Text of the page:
Nutrition for Life

Nutrition for Life - 2022

Dieting: Enjoy What You Eat

By Parul Kharod

Every few days, I get a message/email asking, “Can you create a diet chart for me?”

Very frankly, I am at a loss on how to respond to this question.

What does it mean to have a diet chart or what is dieting?

When you use the word dieting, it immediately implies restriction. It means you are “on a diet”. If you waiver from the “chart” given to you, you feel guilty – you are “cheating”!

That is not what food is supposed to be.

Food is our fuel! Food is supposed to nourish our minds, bodies, and soul. Food gives us energy. Food is not supposed to make you feel guilty or make you feel deprived. Your health is more than just a diet plan.

Very sadly, this whole culture of “dieting” to lose weight fast has created so many other issues.

I see an increase in eating disorders among young teenagers. I see other side effects of strict dieting such as acid reflux or elevated cholesterol and other health issues.

Your diet (which basically means what you eat on a routine basis) should not be about limitations or following a strict plan.

What you eat, when you eat, the timing of your meals, the gap/space between your meals, the balance of each meal, and your overall daily routine are all important. Most importantly, you should enjoy what you eat.

It is important to take into consideration your medical history, your family medical history, your job hours, your responsibilities, etc.

Research studies show that your mood and overall disposition when you eat can directly affect how you digest that meal. So, if you are feeling guilty because you “cheated” or are feeling deprived because you are “dieting”, you will not digest that meal properly. That can lead to digestive issues including acid reflux, irritable bowel syndrome, and leaky gut. It won’t happen with one single meal obviously; but if you tend to jump from one diet plan to the other, the long-term effects can be detrimental.

According to Ayurveda, there are also nuances about what foods may be better for you depending on the stage of life you are at.

When you schedule a nutrition appointment with a Registered Dietitian, this is all we consider. It’s not as simple as me giving you a “diet chart” over WhatsApp or messenger. Each session is detailed and based on your nutritional needs according to your history and lifestyle.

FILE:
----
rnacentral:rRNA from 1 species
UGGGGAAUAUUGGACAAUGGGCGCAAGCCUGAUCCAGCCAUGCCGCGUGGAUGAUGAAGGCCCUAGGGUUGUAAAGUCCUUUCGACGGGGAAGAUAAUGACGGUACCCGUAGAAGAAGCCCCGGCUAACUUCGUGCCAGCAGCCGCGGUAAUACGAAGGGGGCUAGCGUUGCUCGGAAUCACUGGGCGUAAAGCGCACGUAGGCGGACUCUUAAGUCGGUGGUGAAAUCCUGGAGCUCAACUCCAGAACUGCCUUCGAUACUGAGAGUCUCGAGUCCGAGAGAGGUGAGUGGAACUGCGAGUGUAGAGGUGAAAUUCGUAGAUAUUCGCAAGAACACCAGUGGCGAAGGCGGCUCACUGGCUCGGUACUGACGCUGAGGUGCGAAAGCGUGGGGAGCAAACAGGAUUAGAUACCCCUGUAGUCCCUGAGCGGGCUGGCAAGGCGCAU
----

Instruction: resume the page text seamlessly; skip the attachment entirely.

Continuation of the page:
If you have any medical condition, soliciting quick weight loss diets or other such advise could be harmful to your health, and may even prove fatal at times. There may be consequences such as hormone imbalances resulting in extreme hair loss, sluggish metabolism, and other problems. More importantly, one plan does not work for everyone. Each person has unique needs and that must be taken into consideration as well.

Just because someone has lost a lot of weight or is a personal trainer, or has taken an online or a three months certificate course in nutrition or someone who watches health shows or reads a lot on health –does not qualify her or him to be a dietitian.

It is also important to note that doctors are not the most reliable source for nutrition advice and often give out wrong information. This is because during the eight years of medical school, there is sometimes just one basic nutrition course offered. Moreover, most physician office visits are for 15 minutes only. That is not enough time to take your proper history and talk about the ideal nutrition plan for you.

Calorie counting does not always work. Carbs are not the enemy. Just because it’s cooked in olive oil does not make it healthier. Intermittent fasting is not for everyone! We do not need to do detox or juicing or take expensive powders or supplements.

When you are looking to transform your health, here are a few tips to keep in mind. Always look for qualified health professionals (Registered Dietitians) that give you proper advise and can explain why they are recommending what they are recommending. Any quick solutions that sound too good to be true, probably are. Any plan that asks you to weigh and measure every ingredient every day is not practical. Check if you are being asked to eat a large quantity of any one particular food or to avoid any foods without explanation. Always keep the big picture in mind and think about lifestyle changes to improve overall health rather than looking for quick fixes.

Make a well-informed decision for your health & ensure that whatever you embark on is simple to implement, practical, sustainable & affordable. And please don’t call it “dieting”!

Parul Kharod is a registered dietitian and licensed nutritionist and works as a Clinical Dietitian. She can be reached at